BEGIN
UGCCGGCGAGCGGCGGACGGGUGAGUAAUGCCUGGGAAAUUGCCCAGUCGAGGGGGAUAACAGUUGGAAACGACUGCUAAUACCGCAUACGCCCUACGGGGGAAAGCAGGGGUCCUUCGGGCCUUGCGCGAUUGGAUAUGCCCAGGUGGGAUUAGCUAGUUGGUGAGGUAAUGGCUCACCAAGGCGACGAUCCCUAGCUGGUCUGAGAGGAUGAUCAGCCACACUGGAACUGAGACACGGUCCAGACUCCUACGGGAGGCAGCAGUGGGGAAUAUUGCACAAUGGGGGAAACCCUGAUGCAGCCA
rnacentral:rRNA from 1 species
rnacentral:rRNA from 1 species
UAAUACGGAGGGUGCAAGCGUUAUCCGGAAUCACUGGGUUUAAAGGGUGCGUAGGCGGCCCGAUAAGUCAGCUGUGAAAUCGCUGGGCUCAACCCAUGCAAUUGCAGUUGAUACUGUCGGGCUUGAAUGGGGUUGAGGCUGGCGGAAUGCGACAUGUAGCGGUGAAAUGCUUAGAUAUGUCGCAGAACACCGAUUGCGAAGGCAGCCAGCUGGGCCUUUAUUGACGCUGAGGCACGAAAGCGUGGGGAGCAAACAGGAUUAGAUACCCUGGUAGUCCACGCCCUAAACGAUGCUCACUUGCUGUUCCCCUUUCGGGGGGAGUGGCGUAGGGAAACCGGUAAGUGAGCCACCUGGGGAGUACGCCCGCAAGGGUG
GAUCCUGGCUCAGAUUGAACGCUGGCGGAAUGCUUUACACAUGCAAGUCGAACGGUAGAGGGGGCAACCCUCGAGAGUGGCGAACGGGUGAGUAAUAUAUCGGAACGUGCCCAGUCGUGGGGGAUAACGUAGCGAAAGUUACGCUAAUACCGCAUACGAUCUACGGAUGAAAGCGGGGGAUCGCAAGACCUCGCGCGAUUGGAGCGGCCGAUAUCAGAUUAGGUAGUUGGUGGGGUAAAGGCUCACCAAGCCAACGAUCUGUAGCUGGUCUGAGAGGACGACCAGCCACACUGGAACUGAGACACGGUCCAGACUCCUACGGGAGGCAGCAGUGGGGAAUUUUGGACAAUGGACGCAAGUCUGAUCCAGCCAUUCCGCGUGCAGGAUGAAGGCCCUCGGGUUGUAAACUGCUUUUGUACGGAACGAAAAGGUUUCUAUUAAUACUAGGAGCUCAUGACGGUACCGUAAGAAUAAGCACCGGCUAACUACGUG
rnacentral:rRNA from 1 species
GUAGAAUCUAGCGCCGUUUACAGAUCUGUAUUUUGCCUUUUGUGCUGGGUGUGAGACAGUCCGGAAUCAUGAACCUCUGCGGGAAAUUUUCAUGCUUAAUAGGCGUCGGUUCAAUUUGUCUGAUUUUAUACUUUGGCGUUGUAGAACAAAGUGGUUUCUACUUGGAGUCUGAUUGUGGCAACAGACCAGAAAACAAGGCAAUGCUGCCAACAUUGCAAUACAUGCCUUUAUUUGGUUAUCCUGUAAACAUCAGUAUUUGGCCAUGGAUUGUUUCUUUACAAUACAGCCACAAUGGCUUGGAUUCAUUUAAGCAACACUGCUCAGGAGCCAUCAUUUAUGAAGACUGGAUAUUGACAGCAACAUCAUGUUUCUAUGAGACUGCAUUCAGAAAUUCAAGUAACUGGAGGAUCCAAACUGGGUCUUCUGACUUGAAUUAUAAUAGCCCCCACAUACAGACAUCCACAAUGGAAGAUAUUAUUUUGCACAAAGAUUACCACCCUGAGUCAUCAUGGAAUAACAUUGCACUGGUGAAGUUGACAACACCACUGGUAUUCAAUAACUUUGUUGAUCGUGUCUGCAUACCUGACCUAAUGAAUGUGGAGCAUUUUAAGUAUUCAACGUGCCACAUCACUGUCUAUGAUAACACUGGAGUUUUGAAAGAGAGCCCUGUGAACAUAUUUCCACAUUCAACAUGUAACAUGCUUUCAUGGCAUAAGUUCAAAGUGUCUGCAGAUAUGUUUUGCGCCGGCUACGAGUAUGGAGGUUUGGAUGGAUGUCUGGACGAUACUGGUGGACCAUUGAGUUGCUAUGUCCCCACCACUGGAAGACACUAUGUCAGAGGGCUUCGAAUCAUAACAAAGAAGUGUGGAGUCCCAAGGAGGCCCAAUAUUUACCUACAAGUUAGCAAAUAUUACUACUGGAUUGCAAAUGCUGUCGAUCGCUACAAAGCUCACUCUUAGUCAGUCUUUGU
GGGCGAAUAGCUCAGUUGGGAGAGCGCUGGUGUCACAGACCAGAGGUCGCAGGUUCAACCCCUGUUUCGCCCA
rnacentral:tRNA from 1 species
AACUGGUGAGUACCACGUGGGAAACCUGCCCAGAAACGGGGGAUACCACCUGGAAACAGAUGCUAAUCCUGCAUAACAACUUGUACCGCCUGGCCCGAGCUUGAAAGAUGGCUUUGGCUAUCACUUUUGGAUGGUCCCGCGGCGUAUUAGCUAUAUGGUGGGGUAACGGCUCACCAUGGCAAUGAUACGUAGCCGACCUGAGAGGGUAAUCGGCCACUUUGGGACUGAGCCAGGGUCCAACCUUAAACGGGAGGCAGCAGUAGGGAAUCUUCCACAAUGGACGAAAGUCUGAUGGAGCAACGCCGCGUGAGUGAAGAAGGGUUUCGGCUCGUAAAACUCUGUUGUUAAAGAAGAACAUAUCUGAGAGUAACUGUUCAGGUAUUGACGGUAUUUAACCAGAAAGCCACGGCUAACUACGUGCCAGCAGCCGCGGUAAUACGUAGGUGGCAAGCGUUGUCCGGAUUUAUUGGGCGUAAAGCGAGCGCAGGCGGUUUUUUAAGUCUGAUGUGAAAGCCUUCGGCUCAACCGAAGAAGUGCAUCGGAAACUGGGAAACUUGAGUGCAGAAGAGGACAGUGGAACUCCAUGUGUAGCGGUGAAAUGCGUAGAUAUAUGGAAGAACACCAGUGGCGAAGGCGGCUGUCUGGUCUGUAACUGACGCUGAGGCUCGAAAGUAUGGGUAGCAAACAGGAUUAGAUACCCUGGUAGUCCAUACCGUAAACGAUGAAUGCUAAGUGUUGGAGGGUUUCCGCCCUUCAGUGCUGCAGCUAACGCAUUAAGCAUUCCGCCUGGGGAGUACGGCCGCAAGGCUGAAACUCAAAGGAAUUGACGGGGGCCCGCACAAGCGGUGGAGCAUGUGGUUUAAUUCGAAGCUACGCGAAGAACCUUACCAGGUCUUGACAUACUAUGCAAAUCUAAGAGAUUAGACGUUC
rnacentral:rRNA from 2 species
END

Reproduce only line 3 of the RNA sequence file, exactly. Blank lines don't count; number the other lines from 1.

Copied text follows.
rnacentral:rRNA from 1 species